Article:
there should also be a congr lemma that says as much but it's probably easier to just use m directly

view this post on Zulip Damiano Testa (Apr 05 2021 at 15:25):

Kevin, you are probably right, since I am having a hard time working with finsupp.sum...

view this post on Zulip Mario Carneiro (Apr 05 2021 at 15:26):

lemma examplef (R M ι : Type*) [semiring R] [add_comm_monoid M] [semimodule R M] (v : ι  M)
  (c d : ι →₀ R) :
  (c + d).sum (λ (a : ι) (b : R), b  v a) =
    c.sum (λ (r : ι) (m : R), m  v r) + d.sum (λ (r : ι) (m : R), m  v r) :=
by apply finsupp.sum_add_index; simp [add_smul]

view this post on Zulip Kevin Buzzard (Apr 05 2021 at 15:26):

Note that (c + d) appears in (c+d).sum but not in the bracket.

view this post on Zulip Damiano Testa (Apr 05 2021 at 15:30):

Ok, thanks for the proof! I will have to go back and try to figure out again what finsupp.sum does...

view this post on Zulip Kevin Buzzard (Apr 05 2021 at 15:33):

It's like finset.sum. The idea is this. You might think that if you have a function f:IMf:I\to M with MM a commutative additive monoid and II a set, and the function sends all but finitely many things to zero, then finsupp.sum is just if(i)\sum_i f(i). But actually it's more general -- there's an extra layer, which turns out to be really helpful.

view this post on Zulip Kevin Buzzard (Apr 05 2021 at 15:35):

The extra layer is that you have f:IMf:I\to M and g:I×MNg:I\times M\to N and it's NN which is the monoid, and you sum g(i,f(i))g(i,f(i)). Typically MM and NN are both add monoids and g(i,0)=0g(i,0)=0. The simplest example is when M=NM=N and gg is just projection onto the second factor, in which case you recover if(i)\sum_i f(i).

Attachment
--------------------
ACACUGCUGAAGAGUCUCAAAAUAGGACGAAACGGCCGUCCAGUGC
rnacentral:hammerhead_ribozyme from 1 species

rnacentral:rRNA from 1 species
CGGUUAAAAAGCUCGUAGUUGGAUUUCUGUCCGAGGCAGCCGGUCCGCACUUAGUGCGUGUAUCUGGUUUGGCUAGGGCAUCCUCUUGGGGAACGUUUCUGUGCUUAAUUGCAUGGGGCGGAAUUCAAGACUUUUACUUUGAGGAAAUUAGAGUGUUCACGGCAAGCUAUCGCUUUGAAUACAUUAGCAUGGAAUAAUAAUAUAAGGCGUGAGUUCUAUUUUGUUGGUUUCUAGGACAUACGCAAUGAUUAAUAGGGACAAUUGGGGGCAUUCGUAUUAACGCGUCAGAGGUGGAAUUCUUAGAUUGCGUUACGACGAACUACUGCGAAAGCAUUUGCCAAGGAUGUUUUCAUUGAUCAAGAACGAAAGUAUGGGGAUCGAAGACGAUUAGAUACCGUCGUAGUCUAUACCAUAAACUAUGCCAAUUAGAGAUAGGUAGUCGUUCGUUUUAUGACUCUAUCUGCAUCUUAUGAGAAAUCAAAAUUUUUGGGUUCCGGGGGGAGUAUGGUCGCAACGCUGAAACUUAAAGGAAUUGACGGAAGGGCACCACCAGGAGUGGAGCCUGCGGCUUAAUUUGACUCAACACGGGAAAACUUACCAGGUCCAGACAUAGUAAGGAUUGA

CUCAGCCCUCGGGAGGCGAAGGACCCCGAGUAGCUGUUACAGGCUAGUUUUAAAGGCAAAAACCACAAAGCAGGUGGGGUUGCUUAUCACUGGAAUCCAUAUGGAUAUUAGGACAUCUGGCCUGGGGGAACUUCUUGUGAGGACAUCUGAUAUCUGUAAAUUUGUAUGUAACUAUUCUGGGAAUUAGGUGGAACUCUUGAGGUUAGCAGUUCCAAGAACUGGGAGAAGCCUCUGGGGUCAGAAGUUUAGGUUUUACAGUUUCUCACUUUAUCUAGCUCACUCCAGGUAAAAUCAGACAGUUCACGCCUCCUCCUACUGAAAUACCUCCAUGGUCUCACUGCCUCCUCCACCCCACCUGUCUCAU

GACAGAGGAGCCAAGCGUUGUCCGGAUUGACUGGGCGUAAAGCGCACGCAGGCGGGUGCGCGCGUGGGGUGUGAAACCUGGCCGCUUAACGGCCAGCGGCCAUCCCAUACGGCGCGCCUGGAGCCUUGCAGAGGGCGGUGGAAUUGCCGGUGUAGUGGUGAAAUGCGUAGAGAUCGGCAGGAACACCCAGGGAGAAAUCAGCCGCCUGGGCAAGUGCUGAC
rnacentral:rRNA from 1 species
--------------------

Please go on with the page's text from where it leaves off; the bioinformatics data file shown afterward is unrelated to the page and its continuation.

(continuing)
view this post on Zulip Damiano Testa (Apr 05 2021 at 15:37):

Ok, thank you for the explanation: this is starting to make more sense now!

Also, how did you know that sum referred to finsupp.sum and not to finset.sum? Finsupp did not appear anywhere in the lemma statement...

view this post on Zulip Kevin Buzzard (Apr 05 2021 at 15:37):

But you can see from your own example that more flexibility is important, for example if f:IRf:I\to R is the coefficients for some linear combination that you want to take, and you want to make if(i)vi\sum_i f(i)v_i then you let g(i,r)=rvig(i,r)=rv_i and sum these. Note that g(i,0)=0g(i,0)=0 in this example.

view this post on Zulip Eric Wieser (Apr 05 2021 at 15:37):

The type of c and d is finsupp...

view this post on Zulip Kevin Buzzard (Apr 05 2021 at 15:38):

Oh you know it's finsupp.sum because of dot notation. The type of your cc and dd is finsupp <something> so c.sum means finsupp.sum.

view this post on Zulip Damiano Testa (Apr 05 2021 at 15:38):

Ah, ok, again I am being fooled by dot-notation... sorry: I keep not getting dot-notation.

view this post on Zulip Damiano Testa (Apr 05 2021 at 15:40):

Ok, I am slowly understanding more: thanks for your help!

view this post on Zulip Kevin Buzzard (Apr 05 2021 at 15:40):

I find it much easier to understand in LaTeX than in computer science font :-)

view this post on Zulip Damiano Testa (Apr 05 2021 at 15:43):

Yes, and it seems silly, but ×\times is much easier to parse for me than !


Last updated: May 11 2021 at 14:11 UTC